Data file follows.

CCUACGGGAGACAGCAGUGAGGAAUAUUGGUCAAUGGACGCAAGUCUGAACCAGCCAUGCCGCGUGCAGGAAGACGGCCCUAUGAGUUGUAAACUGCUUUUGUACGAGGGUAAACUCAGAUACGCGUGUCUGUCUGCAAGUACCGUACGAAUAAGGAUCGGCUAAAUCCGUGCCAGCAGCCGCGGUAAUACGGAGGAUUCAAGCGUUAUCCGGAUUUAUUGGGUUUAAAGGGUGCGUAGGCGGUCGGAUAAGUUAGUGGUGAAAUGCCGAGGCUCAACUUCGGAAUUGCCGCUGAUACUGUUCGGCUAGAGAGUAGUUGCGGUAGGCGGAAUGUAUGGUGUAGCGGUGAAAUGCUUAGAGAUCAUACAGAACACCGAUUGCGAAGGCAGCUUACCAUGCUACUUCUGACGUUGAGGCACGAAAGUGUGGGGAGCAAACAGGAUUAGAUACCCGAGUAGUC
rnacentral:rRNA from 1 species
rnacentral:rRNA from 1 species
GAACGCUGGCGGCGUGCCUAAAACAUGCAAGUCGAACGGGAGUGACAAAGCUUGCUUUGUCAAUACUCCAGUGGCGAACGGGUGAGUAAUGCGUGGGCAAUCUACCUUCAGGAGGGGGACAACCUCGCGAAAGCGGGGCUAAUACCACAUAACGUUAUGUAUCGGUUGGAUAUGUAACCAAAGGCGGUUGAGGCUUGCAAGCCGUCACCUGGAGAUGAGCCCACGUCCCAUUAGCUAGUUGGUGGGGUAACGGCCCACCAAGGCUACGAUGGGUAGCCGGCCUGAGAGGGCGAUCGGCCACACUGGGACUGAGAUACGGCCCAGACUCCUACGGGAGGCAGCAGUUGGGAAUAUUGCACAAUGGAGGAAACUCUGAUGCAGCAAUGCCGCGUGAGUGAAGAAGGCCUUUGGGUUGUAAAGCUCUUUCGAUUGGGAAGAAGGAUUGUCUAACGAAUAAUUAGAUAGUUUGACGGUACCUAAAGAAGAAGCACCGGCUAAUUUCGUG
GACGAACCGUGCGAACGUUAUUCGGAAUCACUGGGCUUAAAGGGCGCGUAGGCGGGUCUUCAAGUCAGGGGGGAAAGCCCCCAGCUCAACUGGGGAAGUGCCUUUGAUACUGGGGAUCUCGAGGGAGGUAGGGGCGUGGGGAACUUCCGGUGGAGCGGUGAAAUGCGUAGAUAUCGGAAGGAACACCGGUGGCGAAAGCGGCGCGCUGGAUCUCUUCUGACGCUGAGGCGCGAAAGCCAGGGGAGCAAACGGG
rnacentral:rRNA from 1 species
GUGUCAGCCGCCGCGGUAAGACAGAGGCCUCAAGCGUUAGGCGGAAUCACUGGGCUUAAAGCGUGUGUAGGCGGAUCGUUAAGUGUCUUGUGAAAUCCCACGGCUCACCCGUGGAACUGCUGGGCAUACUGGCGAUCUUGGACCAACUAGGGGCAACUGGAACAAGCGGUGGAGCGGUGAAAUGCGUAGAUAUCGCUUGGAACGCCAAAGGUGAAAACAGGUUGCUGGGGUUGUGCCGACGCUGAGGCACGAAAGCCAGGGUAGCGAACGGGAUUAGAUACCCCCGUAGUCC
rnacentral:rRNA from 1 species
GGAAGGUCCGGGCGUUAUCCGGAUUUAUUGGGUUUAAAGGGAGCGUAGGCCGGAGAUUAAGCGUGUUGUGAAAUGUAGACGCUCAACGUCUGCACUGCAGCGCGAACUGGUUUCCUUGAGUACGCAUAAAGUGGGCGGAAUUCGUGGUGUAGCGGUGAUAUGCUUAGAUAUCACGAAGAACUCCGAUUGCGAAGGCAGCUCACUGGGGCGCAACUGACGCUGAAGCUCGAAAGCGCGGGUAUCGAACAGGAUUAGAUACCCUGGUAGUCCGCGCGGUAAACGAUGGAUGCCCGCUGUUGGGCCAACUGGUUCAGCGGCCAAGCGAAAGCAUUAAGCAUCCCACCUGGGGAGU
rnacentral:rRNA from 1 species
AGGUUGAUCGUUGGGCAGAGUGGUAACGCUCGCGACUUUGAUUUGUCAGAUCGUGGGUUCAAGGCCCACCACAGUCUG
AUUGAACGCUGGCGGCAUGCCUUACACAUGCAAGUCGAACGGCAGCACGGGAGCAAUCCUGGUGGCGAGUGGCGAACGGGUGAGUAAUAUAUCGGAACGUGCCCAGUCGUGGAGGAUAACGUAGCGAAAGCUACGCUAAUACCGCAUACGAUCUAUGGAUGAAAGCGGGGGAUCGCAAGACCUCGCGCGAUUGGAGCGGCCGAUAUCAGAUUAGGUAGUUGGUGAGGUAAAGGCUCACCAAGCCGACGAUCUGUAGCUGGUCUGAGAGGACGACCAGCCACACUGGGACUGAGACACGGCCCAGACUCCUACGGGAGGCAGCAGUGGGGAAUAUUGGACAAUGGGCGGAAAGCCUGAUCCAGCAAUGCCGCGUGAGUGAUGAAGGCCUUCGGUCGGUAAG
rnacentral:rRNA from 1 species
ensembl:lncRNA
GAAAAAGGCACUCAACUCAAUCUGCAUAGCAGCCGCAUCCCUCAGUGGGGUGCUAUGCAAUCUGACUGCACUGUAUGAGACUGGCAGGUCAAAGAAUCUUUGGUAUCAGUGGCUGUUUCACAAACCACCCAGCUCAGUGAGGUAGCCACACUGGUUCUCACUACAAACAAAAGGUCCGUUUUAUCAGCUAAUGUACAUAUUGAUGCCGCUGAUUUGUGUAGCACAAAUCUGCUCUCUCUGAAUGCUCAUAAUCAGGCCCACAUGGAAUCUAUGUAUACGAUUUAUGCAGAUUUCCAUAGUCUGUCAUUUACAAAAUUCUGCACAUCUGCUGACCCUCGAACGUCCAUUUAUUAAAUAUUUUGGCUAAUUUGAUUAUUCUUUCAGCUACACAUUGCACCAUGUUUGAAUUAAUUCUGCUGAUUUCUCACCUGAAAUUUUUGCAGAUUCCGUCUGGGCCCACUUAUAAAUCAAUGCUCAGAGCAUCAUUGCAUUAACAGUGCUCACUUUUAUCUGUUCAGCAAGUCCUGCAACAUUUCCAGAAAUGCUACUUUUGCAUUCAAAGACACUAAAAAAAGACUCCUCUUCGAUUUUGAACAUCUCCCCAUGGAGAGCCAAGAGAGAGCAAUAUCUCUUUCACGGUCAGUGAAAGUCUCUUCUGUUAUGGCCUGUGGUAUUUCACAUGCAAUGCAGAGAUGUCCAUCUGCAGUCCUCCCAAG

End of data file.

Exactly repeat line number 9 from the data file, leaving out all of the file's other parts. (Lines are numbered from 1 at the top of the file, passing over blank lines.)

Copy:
GGAAGGUCCGGGCGUUAUCCGGAUUUAUUGGGUUUAAAGGGAGCGUAGGCCGGAGAUUAAGCGUGUUGUGAAAUGUAGACGCUCAACGUCUGCACUGCAGCGCGAACUGGUUUCCUUGAGUACGCAUAAAGUGGGCGGAAUUCGUGGUGUAGCGGUGAUAUGCUUAGAUAUCACGAAGAACUCCGAUUGCGAAGGCAGCUCACUGGGGCGCAACUGACGCUGAAGCUCGAAAGCGCGGGUAUCGAACAGGAUUAGAUACCCUGGUAGUCCGCGCGGUAAACGAUGGAUGCCCGCUGUUGGGCCAACUGGUUCAGCGGCCAAGCGAAAGCAUUAAGCAUCCCACCUGGGGAGU